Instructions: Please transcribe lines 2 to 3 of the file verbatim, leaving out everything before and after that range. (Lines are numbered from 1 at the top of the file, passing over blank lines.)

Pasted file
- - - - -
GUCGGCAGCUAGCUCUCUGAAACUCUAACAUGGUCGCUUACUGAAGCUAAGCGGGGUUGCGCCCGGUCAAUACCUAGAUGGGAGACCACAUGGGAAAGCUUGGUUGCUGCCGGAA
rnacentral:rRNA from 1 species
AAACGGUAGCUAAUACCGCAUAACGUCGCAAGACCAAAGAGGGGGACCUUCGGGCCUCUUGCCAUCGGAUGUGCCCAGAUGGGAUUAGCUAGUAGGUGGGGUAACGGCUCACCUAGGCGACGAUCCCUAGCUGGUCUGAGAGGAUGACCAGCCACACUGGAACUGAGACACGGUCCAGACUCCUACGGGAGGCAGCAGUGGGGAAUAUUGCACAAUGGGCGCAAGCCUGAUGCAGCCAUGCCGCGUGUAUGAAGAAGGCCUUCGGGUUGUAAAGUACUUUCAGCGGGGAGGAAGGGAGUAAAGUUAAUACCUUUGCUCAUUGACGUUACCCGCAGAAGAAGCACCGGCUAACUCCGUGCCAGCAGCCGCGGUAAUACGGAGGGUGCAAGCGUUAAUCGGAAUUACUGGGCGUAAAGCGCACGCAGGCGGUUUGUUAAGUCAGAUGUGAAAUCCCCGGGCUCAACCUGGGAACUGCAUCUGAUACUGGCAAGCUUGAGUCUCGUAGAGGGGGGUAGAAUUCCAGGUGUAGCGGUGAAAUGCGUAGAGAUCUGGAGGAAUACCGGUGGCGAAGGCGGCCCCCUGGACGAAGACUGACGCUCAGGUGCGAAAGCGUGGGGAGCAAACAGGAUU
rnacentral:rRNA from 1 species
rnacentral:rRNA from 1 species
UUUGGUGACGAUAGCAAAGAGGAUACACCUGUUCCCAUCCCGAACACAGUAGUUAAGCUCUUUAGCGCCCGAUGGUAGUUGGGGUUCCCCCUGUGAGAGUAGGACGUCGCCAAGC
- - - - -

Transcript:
rnacentral:rRNA from 1 species
AAACGGUAGCUAAUACCGCAUAACGUCGCAAGACCAAAGAGGGGGACCUUCGGGCCUCUUGCCAUCGGAUGUGCCCAGAUGGGAUUAGCUAGUAGGUGGGGUAACGGCUCACCUAGGCGACGAUCCCUAGCUGGUCUGAGAGGAUGACCAGCCACACUGGAACUGAGACACGGUCCAGACUCCUACGGGAGGCAGCAGUGGGGAAUAUUGCACAAUGGGCGCAAGCCUGAUGCAGCCAUGCCGCGUGUAUGAAGAAGGCCUUCGGGUUGUAAAGUACUUUCAGCGGGGAGGAAGGGAGUAAAGUUAAUACCUUUGCUCAUUGACGUUACCCGCAGAAGAAGCACCGGCUAACUCCGUGCCAGCAGCCGCGGUAAUACGGAGGGUGCAAGCGUUAAUCGGAAUUACUGGGCGUAAAGCGCACGCAGGCGGUUUGUUAAGUCAGAUGUGAAAUCCCCGGGCUCAACCUGGGAACUGCAUCUGAUACUGGCAAGCUUGAGUCUCGUAGAGGGGGGUAGAAUUCCAGGUGUAGCGGUGAAAUGCGUAGAGAUCUGGAGGAAUACCGGUGGCGAAGGCGGCCCCCUGGACGAAGACUGACGCUCAGGUGCGAAAGCGUGGGGAGCAAACAGGAUU